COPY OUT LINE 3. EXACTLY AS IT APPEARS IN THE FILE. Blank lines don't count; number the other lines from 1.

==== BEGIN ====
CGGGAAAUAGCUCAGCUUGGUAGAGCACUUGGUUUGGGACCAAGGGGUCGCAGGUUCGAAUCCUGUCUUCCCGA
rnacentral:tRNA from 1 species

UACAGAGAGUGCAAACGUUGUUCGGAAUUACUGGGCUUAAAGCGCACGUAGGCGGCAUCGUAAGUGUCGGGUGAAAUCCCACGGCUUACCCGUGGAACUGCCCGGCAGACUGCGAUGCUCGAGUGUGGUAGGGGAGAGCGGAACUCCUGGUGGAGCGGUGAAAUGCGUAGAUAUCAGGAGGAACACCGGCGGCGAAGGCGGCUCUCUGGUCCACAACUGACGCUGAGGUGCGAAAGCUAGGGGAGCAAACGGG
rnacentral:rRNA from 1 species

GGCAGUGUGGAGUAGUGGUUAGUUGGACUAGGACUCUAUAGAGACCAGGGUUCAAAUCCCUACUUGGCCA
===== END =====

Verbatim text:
UACAGAGAGUGCAAACGUUGUUCGGAAUUACUGGGCUUAAAGCGCACGUAGGCGGCAUCGUAAGUGUCGGGUGAAAUCCCACGGCUUACCCGUGGAACUGCCCGGCAGACUGCGAUGCUCGAGUGUGGUAGGGGAGAGCGGAACUCCUGGUGGAGCGGUGAAAUGCGUAGAUAUCAGGAGGAACACCGGCGGCGAAGGCGGCUCUCUGGUCCACAACUGACGCUGAGGUGCGAAAGCUAGGGGAGCAAACGGG